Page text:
IoT, virtual reality, RPA, machine learning, and chatbots are just a handful of them. Those are the technology functions or features that did not exist merely 5 to 6 years ago. Yet, they are expected to replace humans in performing manual tasks in every way imaginable! These technology capabilities have caused panic in the race of human vs. machine resulting in many rushing to take up new digital skills to safeguard their livelihoods. This has far-reaching impacts on society, causing great anxiety and social disruptions.
In my recent engagement with technology graduates and mid-career professionals, more than 90% of them interviewed aspire to be a specialist in the areas of data science or artificial intelligence! What I have to say is this: it is unrealistic and self-defeating to expect that the entire world will just revolve around a couple of trendy technology domains. We do indeed need more of those skillsets. But just blindly jump on the bandwagon is a sure formula for failure! More importantly, it is a sure way of not having your true potentials fulfilled!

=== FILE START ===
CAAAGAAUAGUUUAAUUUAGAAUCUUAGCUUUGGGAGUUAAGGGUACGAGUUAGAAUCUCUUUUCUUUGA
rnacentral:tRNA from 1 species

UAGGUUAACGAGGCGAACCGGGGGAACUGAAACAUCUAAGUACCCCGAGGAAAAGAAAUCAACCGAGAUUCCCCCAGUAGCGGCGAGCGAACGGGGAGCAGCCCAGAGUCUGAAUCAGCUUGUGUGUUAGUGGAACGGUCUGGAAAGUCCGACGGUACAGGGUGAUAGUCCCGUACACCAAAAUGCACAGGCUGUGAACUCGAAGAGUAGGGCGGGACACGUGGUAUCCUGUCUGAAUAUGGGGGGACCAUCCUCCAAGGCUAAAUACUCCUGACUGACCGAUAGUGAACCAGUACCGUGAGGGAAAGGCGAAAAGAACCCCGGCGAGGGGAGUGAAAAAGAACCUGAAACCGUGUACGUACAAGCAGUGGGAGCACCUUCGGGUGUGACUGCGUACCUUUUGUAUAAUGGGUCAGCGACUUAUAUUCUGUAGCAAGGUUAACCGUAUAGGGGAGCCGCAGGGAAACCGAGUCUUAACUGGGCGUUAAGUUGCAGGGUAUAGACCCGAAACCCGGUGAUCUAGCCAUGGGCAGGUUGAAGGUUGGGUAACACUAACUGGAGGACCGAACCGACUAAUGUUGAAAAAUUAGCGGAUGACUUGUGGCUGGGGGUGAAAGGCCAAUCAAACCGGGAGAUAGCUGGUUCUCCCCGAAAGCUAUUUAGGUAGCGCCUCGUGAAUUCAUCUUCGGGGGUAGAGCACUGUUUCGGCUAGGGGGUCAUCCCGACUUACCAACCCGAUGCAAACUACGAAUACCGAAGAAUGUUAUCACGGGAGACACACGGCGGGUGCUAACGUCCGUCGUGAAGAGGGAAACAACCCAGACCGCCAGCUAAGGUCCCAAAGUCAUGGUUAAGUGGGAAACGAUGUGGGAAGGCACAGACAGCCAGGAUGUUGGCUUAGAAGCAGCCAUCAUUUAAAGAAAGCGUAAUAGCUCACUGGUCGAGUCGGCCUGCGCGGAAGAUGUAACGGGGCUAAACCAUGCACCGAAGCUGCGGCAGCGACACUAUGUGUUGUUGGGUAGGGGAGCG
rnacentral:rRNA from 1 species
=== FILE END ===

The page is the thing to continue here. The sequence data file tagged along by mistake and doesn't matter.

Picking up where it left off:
In the book, What Machines Can’t Do: Politics and Technology in the Industrial Enterprise, virtually every manufacturing company has plans for an automated “factory of the future.” But Robert J. Thomas argues that smart machines may not hold the key to an industrial renaissance. In this provocative and enlightening book, he takes us inside four successful manufacturing enterprises to reveal the social and political dynamics that are an integral part of new production technology. His interviews with nearly 300 individuals, from top corporate executives to engineers to workers and union representatives, give his study particular credibility and offer surprising insights into the organizational power struggles that determine the form and performance of new technologies.
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